Business & Money
Huge losses for energy giant Vattenfall
A Vattenfall plant in Germany. Photo: TT

Huge losses for energy giant Vattenfall

Swedish energy company Vattenfall has reported losses for the third quarter in a row. READ  

International
Malala donates prize winnings to Gaza
Malala receives the Children's Prize from Queen Silvia. Photo: TT

Malala donates prize winnings to Gaza

UPDATED: Girls' rights champion Malala Yousafzai, who was in Sweden to accept the World's Children's Prize on Wednesday, said she would use all her winnings to help rebuild schools in war-ravaged Gaza. READ  

Swedish Honeymoon Killing
Cape Town 'fixer' phoned Dewani before killing
Dewani in a Cape Town court. Photo: TT

Cape Town 'fixer' phoned Dewani before killing

A man jailed for killing British businessman Shrien Dewani's wife during their Cape Town honeymoon said on Wednesday they spoke shortly before the murder to discuss payment. READ  

RECEIVE OUR NEWSLETTER AND ALERTS
Business & Money
Get your own office in Gothenburg or Stockholm - free for a day
Gallery
People-watching: October 30th
National
Sweden remains fourth best for gender equality
National
Timeline: Julian Assange sex allegations
Sport
World Cup ski race on 'fake' Stockholm slope
Blog updates

29 October

Scariest day (Blogweiser) »

"This is what’s frightening me on Halloween. http://www.youtube.com/watch?v=D4OFZVCu8J0&list=UUJu5J7jG4uoYSjWbpFsJBuQ Follow my posts on FB. ..." READ »

 

24 October

Editor’s blog, October 24th (The Local Sweden) »

"Hi readers, Get ready to read our weekly digest of Swedish news in less than 60 seconds. The..." READ »

 
 
 
Society
An Arctic tradition: hunting and handicraft
Society
Stockholm taxis offer free therapy sessions
National
The Local meets Health Minister Gabriel Wikström
Gallery
Property of the week: Österåker
Society
Homeless turtles get Stockholm police ride
National
Construction worker has 'Sweden's best beard'
National
Italian musician jazzes up Sweden's Lapland
Gallery
Zlatan's career in pictures
Finest.se
Gallery
People-watching: October 25th and 26th
Lifestyle
'Swedes are funnier than they think'
National
Swedish town 'like Venice' after heavy rains
Lifestyle
What's On in Sweden: October 24th - 31st
Gallery
People-watching: October 22nd
Gallery
In Pictures: Prince Carl Philip and Sofia Hellqvist
Lifestyle
Eight things to love about renting a Swedish apartment
National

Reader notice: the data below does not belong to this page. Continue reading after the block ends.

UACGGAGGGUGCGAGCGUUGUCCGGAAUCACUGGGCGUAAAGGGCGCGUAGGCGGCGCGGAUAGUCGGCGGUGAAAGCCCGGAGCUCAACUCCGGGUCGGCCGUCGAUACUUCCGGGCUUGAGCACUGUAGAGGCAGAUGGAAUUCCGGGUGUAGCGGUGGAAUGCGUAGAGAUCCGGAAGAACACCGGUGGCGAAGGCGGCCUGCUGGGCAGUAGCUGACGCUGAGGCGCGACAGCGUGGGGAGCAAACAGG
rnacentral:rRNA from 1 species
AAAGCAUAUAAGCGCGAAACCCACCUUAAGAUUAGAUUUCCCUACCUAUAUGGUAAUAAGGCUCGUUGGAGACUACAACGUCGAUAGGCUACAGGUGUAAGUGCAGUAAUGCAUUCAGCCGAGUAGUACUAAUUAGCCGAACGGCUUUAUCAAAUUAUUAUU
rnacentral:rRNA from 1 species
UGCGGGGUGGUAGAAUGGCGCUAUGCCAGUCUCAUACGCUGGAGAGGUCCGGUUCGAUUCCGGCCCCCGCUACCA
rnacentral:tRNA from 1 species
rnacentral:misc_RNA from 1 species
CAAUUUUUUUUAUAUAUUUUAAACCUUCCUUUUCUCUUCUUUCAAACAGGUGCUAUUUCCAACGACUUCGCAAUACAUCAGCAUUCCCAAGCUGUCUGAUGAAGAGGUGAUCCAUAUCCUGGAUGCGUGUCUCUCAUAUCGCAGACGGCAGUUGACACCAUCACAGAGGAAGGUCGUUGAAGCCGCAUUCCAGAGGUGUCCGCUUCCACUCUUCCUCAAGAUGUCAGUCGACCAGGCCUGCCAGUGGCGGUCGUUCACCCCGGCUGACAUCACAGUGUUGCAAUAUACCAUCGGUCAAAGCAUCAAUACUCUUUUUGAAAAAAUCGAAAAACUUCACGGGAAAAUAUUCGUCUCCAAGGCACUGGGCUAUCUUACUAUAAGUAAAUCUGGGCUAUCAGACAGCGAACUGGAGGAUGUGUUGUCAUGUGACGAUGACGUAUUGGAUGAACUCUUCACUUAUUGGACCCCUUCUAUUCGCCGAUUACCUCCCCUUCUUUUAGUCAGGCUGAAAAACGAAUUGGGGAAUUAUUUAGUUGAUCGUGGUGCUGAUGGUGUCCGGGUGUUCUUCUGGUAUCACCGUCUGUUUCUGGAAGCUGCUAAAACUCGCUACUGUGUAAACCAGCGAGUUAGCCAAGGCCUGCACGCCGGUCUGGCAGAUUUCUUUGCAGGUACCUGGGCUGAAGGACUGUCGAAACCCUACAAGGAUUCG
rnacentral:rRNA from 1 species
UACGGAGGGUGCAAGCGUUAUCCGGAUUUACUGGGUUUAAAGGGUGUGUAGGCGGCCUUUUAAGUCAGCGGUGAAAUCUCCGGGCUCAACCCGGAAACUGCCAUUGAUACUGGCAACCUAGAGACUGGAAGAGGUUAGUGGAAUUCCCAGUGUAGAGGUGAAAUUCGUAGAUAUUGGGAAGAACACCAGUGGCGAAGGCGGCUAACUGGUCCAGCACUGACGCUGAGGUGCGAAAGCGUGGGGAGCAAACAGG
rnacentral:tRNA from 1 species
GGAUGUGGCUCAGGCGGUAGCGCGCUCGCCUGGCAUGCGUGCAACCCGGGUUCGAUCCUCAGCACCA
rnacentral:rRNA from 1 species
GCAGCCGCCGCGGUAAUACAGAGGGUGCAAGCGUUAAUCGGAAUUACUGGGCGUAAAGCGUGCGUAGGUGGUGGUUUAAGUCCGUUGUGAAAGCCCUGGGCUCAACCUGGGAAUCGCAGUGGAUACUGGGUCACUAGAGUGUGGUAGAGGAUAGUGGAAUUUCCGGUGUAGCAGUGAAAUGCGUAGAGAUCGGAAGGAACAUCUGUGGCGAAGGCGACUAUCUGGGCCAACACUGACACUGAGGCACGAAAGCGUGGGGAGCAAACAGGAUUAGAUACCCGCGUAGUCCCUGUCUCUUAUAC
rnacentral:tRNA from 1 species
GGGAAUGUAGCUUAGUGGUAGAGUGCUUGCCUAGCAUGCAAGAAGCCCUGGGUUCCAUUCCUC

Vasa ship cannon blasted in Sweden
National
Sub hunt: Day-by-day
National
Sub hunt: Stockholm islanders share their fears with The Local
Sponsored Article
The best options for oversea transfers
National
Dentist gives free care to Roma beggars
Gallery
Property of the week: Malmö
Gallery
PHOTOS: 'Foreign activity' in Swedish waters
TT
Society
QUIZ: How good is your Swedish?
Society
The nudity... and nine other things expat men notice in Sweden
Gallery
People-watching: October 15th
Gallery
Your views: Should outdoor smoking be banned in Sweden?
Business & Money
Sweden has 'large hole' in finances
Sponsored Article
Introducing... Finding a job in Stockholm
Society
Monster salmon caught in northern Sweden
Gallery
Property of the week: Lorensberg
National
Scandinavia's child bride
National
Ebola crisis: How is Sweden preparing?
Business & Money
How Sweden is becoming a cashless society
Gallery
Stockholm Burlesque Festival 2014
National
How a little red horse became a symbol for Sweden
Gallery
People-watching: October 12th
Business & Money
The hottest start-ups from southern Sweden
National
Stockholm is 'best' region for well-being
Gallery
People-watching: October 8th
National
Five facts to know about Patrick Modiano
Sponsored Article
How to catch the first lobster of the year
Team SCA
Sponsored Article
All-female SCA team takes off on Volvo Ocean Race
Latest news from The Local in Austria

More news from Austria at thelocal.at

Latest news from The Local in Switzerland

More news from Switzerland at thelocal.ch

Latest news from The Local in Germany

More news from Germany at thelocal.de

Latest news from The Local in Denmark

More news from Denmark at thelocal.dk

Latest news from The Local in Spain

More news from Spain at thelocal.es

Latest news from The Local in France

More news from France at thelocal.fr

Latest news from The Local in Italy

More news from Italy at thelocal.it

Latest news from The Local in Norway

More news from Norway at thelocal.no

994
jobs available
Swedish Down Town Consulting & Productions
Swedish Down Town Consulting & Productions is an innovative business company which provides valuable assistance with the Swedish Authorities, Swedish language practice and general communications. Call 073-100 47 81 or visit:
www.swedishdowntown.com
PSD Media
PSD Media is marketing company that offers innovative solutions for online retailers. We provide modern solutions that help increase traffic and raise conversion. Visit our site at:
http://psdmedia.se
If you want to drink, that’s your business.
If you want to stop, we can help.

Learn more about English-language Alcoholics Anonymous in Sweden. No dues. No fees. Confidentiality assured.
AA-EUROPE.ORG/SWEDEN